According to the letters, Rehmel believed doctors "locked" his brain into a computer "to keep him mentally and physically controlled" and "tortured," Marvel said.
"This is the type of person we just can't ignore," Marvel said.
— Thanks to Out There reader Michael J.
ROCKPORT, Mass. (AP) — A Harvard economics professor has been accused of neglecting the standard market practice of paying for goods and services by trying to steal a truckload of manure from a horse farmer.
Stable manager Phillip Casey says Martin Weitzman, Harvard University's Ernest E. Monrad Professor of Economics (search), has been stealing manure from Charlie Lane's Rockport farm for years.
Police said Casey found Weitzman on the property April 1, so he blocked in Weitzman's pickup truck and called police. Weitzman got angry, Casey said, then offered to pay for the manure he'd already taken. But Casey said he wouldn't budge because he wanted the thefts to stop.
"He offered me $20 for it and then $40 for it," Casey said.
Casey said the land was marked private property and Weitzman, 63, had been warned before.
"He's been doing it for years," Casey told the Gloucester Daily Times.
The farm sells the manure for $35 a truckload and also uses it to fertilize a pasture.
Rockport police officer Michael Marino said Weitzman, who lives in neighboring Gloucester, is charged with larceny under $250, trespassing, and malicious destruction of property for tearing up some land with his tires.
Weitzman did not immediately return calls to his home or office on Wednesday morning. His attorney also did immediately return a call on Wednesday.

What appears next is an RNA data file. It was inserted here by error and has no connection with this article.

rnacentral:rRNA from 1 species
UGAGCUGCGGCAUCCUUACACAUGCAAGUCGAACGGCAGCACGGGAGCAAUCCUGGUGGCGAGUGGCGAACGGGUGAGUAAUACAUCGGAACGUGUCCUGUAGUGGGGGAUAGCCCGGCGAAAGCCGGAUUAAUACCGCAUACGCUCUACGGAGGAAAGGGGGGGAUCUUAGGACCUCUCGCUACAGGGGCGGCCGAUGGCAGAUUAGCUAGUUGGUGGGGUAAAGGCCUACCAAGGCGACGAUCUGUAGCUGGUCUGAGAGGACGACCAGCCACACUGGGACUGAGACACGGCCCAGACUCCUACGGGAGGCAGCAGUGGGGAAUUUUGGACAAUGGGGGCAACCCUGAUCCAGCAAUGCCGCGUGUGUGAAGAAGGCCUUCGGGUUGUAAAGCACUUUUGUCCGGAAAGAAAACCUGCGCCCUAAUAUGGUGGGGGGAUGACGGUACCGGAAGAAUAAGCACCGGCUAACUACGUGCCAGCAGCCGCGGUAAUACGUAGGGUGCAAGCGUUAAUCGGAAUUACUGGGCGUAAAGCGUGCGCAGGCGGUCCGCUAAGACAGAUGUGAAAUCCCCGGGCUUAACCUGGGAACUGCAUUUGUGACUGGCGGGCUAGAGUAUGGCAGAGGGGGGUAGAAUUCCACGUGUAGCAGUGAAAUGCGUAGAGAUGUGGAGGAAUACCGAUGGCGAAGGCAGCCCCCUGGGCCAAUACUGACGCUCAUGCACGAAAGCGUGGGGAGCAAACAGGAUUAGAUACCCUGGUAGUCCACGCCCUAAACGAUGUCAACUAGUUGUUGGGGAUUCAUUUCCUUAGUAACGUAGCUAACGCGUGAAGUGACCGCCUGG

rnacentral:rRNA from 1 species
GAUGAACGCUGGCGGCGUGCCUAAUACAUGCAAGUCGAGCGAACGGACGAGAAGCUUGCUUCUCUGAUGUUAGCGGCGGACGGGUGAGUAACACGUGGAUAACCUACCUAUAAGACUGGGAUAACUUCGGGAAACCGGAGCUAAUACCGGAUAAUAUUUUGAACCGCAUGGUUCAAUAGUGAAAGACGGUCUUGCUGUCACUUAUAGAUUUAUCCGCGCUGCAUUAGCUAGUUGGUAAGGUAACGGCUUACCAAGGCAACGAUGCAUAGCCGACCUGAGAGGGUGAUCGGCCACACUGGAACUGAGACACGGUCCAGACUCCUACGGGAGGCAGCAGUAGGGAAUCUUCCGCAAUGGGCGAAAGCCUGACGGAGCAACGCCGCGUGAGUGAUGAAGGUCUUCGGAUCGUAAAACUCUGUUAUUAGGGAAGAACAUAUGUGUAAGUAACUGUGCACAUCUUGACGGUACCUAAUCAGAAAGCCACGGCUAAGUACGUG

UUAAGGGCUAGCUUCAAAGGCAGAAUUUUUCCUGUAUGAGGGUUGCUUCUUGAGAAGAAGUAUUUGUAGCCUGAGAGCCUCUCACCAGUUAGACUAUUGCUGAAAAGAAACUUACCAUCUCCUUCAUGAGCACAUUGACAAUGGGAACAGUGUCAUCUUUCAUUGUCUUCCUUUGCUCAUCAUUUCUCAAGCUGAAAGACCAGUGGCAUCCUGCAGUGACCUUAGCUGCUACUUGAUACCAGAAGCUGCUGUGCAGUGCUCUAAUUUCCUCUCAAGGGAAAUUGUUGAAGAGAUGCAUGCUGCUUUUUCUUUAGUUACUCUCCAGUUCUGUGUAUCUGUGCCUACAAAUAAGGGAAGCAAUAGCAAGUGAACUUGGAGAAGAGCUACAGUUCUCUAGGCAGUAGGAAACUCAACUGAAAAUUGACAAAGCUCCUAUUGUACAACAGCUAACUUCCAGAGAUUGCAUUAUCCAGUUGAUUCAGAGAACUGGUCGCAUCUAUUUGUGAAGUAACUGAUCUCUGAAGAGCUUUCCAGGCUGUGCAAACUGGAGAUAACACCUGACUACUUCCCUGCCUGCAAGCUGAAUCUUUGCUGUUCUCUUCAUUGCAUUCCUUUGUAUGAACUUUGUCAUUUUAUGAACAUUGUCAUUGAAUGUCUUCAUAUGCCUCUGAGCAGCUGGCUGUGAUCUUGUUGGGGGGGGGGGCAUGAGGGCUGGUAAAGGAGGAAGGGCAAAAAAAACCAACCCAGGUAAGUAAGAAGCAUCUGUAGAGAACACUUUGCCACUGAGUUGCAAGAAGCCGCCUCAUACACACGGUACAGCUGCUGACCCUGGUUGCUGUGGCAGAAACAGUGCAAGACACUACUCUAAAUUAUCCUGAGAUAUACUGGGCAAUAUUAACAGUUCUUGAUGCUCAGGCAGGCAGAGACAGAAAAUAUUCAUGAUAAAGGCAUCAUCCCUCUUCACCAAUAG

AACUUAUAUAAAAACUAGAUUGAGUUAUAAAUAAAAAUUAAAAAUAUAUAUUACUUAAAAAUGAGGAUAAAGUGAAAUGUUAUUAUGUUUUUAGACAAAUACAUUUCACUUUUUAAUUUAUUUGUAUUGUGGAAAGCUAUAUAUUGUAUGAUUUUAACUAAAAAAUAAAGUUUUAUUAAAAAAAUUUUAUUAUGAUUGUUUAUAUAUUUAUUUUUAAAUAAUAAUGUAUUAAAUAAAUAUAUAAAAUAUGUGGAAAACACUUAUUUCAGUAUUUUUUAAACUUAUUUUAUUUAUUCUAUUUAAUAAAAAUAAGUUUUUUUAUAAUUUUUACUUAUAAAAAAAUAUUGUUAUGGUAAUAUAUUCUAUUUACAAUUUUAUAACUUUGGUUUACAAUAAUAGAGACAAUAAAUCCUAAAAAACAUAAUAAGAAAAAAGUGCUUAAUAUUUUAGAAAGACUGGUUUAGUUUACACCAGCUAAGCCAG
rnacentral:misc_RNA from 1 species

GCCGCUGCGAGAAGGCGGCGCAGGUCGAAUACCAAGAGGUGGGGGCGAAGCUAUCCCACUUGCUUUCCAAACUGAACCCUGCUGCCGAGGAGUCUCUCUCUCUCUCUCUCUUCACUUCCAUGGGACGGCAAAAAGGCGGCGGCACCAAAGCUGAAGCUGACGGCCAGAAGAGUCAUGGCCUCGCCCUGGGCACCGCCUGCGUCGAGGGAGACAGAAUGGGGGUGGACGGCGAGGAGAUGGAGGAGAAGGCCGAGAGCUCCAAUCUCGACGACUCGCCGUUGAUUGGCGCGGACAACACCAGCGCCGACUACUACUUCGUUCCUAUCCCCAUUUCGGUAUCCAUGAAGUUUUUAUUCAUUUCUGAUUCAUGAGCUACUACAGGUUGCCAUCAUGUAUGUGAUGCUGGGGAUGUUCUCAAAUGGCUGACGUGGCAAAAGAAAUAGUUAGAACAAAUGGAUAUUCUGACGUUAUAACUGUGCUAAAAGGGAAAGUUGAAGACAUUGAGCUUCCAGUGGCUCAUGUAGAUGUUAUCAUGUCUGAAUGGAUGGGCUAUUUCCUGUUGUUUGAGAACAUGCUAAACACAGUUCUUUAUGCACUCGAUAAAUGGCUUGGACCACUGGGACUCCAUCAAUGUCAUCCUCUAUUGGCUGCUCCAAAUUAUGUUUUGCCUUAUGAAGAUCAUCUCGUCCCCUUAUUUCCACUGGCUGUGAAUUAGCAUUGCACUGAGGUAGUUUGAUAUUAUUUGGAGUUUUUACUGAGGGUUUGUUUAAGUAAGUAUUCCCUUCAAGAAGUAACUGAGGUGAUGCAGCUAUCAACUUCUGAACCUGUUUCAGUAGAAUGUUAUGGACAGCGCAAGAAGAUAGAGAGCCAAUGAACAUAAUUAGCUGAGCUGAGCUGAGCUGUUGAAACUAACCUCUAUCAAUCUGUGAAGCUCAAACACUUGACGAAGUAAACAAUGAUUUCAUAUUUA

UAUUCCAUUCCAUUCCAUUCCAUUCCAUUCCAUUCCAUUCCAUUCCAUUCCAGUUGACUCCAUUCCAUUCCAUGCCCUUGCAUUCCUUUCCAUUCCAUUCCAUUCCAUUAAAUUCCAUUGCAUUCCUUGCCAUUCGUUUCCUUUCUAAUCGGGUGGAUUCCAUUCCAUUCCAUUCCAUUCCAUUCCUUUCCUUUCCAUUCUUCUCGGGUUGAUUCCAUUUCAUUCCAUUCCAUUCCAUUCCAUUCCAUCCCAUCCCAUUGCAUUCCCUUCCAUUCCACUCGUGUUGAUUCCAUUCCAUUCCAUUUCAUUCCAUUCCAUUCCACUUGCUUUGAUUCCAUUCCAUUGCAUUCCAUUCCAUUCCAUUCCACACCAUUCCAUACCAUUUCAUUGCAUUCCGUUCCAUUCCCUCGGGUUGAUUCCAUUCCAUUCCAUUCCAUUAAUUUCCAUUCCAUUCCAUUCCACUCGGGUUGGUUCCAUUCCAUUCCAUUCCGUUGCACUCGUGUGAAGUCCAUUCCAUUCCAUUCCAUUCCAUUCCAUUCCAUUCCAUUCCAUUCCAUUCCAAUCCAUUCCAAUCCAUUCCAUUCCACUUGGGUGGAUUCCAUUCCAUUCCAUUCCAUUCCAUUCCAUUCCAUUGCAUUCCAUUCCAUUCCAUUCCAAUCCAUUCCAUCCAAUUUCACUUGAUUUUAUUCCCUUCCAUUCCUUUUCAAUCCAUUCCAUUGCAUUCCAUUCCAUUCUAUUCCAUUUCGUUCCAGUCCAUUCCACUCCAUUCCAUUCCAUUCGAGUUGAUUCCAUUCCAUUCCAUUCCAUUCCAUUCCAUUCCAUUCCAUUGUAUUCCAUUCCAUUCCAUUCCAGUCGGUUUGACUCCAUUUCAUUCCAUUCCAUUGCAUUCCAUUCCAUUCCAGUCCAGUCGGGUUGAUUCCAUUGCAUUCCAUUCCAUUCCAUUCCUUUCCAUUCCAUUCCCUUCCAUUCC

SARATOGA SPRINGS, N.Y. (AP) — Police say a 30-year grudge boiled over when a former elementary school teacher littered the driveways of former co-workers and bosses with roofing nails and splattered paint on their garage doors.
Thomas R. Haberbush, 72, pleaded guilty last Tuesday to one count each of stalking, criminal mischief and criminal tampering, all misdemeanors.
Police said that three former school board members, a retired principal and a retired assistant principal at Caroline Street Elementary School (search) were among the nine victims Haberbush targeted over the past two years.
Their car tires were damaged by roofing nails that Haberbush threw in the driveways, police said.
"It's very bizarre to carry around a grudge for nearly 30 years," said Saratoga Springs police investigator John Catone. "At least now there can be closure for all those people he terrorized."
Police said Haberbush had been angered after receiving poor work reviews.
Saratoga County assistant district attorney David Harper requested that Haberbush undergo a mental health evaluation as part of the plea agreement. He also will be barred from contacting the victims in the future.
RALEIGH, N.C. (AP) — An iPod in every new student's hand? Not this year at Duke University (search).
The private university in Durham has decided not reprise last year's experimental mass handout to all incoming freshman of the pricey hard-disk portable digital players.
Only students enrolled in certain classes will get the free gadgets.
The school, which hoped the $300 players would enhance students' learning by allowing them to record lectures, capture oral notes, and play language-training recordings, spent $500,000 on the pilot project.
That covered the iPods, salary for an academic computing specialist and grants to faculty members who participated in the program.
Last year, newly arrived freshmen were given the high-tech welcome gift engraved with the school's crest and the words "Class of 2008."
Some students questioned the need for the giveaway, given that many students already owned iPods or similar devices, with some saying the money would be better spent on financial aid or campus security.
Compiled by FOX News' Paul Wagenseil.